Whether you’ve bagged hundreds of birds in your lifetime or are just starting out, you’re going to want to heed some of the tips and tricks that the experts at Schmidt Double T have accumulated over the years.
After all, our quail hunts are some of the best in Texas!
Quail are most commonly found in the central U.S., with an abundance of this bird in our very own backyard. Texas is home to plenty of bobwhite quail, the most popular game bird to hunt.
1. Understanding quail
Quail are habitual birds and tend to lay low, burrowing within tall grasses and brush in order to remain camouflaged from predators and protected from the elements.
They graze in the morning in moderately grown pastures and as the sun rises, they retreat to the safety of cooler brush where they can rely on their camouflage for protection
They also will graze in the late afternoon and sleep at night.
2. Locating quail
As you venture out on your Texas quail hunt, your first line of duty is actually locating your target (or hopefully targets if you stumble upon a covey!).
So, how do you know where to look for a bird that is notoriously difficult to find?
Since they rarely reveal themselves if not for a split-second when scampering from one area of coverage to another, it poses a challenge to hunters in locating their soon-to-be bagged birds.
However, the process shouldn’t deter you—it should entice you!
So, keep an eye out for semi-wooded areas and an abundance of shrubs, letting you know that quail are probably lurking. Also look for dampened grounds that present the quail with easily accessible insects and worms.
3. Let the weather determine your quail hunt
Speaking of wet grounds, weather plays a vital role in quail hunting. These birds tend to flock to these damp environments because they hold promise of food for them.
That being said, work with the rain!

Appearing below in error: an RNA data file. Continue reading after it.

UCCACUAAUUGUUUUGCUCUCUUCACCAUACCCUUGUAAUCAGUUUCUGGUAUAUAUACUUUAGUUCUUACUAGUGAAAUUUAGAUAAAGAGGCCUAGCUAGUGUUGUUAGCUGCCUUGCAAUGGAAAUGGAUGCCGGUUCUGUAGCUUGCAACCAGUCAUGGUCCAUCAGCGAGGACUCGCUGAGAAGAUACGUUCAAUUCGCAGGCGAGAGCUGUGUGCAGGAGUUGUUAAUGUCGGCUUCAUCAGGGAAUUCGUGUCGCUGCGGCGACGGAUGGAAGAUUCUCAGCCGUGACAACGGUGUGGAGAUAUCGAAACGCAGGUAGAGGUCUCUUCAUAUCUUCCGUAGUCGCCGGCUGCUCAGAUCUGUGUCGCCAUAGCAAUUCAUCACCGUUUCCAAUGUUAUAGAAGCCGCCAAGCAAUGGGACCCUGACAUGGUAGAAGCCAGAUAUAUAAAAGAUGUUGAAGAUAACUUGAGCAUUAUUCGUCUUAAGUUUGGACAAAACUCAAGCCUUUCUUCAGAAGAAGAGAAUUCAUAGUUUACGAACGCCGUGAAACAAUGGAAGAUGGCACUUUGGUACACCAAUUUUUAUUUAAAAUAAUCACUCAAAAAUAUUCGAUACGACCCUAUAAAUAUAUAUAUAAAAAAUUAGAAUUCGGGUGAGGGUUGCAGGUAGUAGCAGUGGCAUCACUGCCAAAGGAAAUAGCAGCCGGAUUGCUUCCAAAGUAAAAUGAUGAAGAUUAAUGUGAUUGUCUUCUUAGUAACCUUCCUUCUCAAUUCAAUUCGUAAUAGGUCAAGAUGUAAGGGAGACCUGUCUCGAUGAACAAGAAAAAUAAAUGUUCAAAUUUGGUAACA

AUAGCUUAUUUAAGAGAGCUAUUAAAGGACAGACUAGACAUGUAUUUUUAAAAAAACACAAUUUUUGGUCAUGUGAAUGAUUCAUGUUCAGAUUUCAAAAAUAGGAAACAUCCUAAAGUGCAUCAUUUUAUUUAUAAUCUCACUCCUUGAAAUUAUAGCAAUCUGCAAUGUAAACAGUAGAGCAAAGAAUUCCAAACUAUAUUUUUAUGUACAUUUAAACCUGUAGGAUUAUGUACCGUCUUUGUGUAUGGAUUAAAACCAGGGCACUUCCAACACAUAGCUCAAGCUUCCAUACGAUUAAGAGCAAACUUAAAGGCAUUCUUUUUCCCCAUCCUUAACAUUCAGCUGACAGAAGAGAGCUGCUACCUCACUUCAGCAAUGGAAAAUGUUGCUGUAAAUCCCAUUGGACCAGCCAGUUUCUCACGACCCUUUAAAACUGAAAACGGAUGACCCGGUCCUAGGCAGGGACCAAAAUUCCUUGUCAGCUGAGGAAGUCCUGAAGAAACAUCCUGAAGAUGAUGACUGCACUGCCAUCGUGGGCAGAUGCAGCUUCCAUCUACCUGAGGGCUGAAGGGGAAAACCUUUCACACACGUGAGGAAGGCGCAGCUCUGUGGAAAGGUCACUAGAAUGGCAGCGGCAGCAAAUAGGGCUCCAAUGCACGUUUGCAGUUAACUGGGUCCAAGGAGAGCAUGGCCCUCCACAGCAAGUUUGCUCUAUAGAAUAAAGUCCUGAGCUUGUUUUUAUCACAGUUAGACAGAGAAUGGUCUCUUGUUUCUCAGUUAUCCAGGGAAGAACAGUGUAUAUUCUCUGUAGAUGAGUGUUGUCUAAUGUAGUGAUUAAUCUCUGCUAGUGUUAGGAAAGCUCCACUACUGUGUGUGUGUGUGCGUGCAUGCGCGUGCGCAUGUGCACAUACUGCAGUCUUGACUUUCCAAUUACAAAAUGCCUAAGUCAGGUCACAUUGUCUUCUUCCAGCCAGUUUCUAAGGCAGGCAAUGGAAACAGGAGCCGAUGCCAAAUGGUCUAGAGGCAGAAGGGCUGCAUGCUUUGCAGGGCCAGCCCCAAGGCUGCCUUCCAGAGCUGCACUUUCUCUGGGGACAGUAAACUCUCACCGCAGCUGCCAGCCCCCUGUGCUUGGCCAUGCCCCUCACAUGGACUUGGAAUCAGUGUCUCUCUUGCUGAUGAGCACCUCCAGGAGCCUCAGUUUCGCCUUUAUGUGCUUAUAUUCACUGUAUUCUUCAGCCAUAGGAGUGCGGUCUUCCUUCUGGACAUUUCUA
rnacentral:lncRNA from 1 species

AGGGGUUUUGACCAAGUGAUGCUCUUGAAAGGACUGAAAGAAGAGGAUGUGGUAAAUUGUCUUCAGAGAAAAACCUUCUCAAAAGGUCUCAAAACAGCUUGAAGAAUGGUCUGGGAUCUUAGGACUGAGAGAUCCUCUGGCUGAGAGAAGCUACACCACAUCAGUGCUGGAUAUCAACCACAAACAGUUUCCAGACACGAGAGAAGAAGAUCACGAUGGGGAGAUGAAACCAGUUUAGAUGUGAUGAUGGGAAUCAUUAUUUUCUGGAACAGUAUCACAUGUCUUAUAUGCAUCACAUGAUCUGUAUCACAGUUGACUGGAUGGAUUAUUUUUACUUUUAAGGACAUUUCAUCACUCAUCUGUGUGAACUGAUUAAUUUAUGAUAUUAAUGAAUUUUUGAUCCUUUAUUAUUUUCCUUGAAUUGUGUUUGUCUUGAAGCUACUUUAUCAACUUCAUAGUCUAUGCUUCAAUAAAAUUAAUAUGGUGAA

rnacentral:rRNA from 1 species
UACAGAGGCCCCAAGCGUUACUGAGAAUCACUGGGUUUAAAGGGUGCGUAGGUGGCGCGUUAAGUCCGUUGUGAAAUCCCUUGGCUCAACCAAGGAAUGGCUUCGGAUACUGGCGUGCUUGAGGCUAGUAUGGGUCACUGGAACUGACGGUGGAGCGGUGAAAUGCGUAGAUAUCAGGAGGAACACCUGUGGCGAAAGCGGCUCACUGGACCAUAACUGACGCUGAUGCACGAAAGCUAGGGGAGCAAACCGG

A rainy day makes for the best Texas quail hunt—not to the point where you’re soaked from the elements, but just enough water to get those worms to the surface and those coveys flocking.
It would also be smart to avoid windy days, as well; you won’t be able to aim accurately with the wind pushing back at you.
4. Selecting the right gun
Selecting the right type of gun is also an important step in the quail hunting process. In general, you should use either a 410 or 12 gauge shotgun. Not only are they fairly accurate as far as shotguns are concerned, but these gauges offer incredible power.
The most popular, however, is the 20-gauge and even a 28-gauge. A 26″ barrel with a skeet choke is best used with a 7.5-8 load shell, as well.
As long as you line up your shot correctly, you should have no trouble taking a quail down.
5. Be patient and stay distant
As an avid hunter you already know that the sport is a waiting game, and on a Texas quail hunt, it’s even more so. Due to the fact that these birds function almost solely underneath some form of cover, it’s very rare to spot a bird, or an entire covey, out in the open long enough to bag it.
This is why patience is key and keeping your distance is vital.
You don’t want to get too close to the covey that you’ll startle them into fleeing before you’re set and ready to aim. So, we suggest crouching 10 to 20 yards away from the roost, giving you enough room to set up your shotgun without compromising your position.
And have no fear—when you come with us on a Texas quail hunt at Schmidt Double T Ranches, we have flush dogs and pointers ready to help you get those birds in the air.
6. Perfect your upland shooting
Upland shooting is an uphill battle—it’s a technique that takes time and practice.
First, never stop swinging. When the covey is flushed, you can’t change your gun’s pace or movement. If you waiver or slow down, you’ll begin to lose control and shoot behind your targets.
With that said, remember to keep your head down, with the stock of your gun nestled in your cheek. If you pop your head up to take a peak, your sight plane will be altered, losing control yet again. With your feet planted and a strong stance leaned in towards the gun and your target, you should have no problem dropping that bird.
7. Aim for one quail (just one!)
It certainly is no free-for-all when it comes to firing off your shotgun at a recently flushed out covey. You need to have a strategy behind your shot and a chosen target that you can zoom in on.
So, once you’ve selected your quail, narrow your target even further and aim for a distinct part of the bird. Whether that’s the distinct stripe above the eye or the white patch at the throat, creating an even smaller target will help you find more success in taking down a bobwhite quail.
And we know, there will be a lot of quail in the covey and it will be tempting to fire off a couple rounds, but that doesn’t mean you should. Focus on downing your first bird before you move on to try and score a double.
If you’re ready to experience some true quail hunting in Texas, then give us a call at 325-347-2613. We offer some of the best guided quail hunts across our two ranches, perfect for hunting experts and beginners.
We look forward to hunting with you!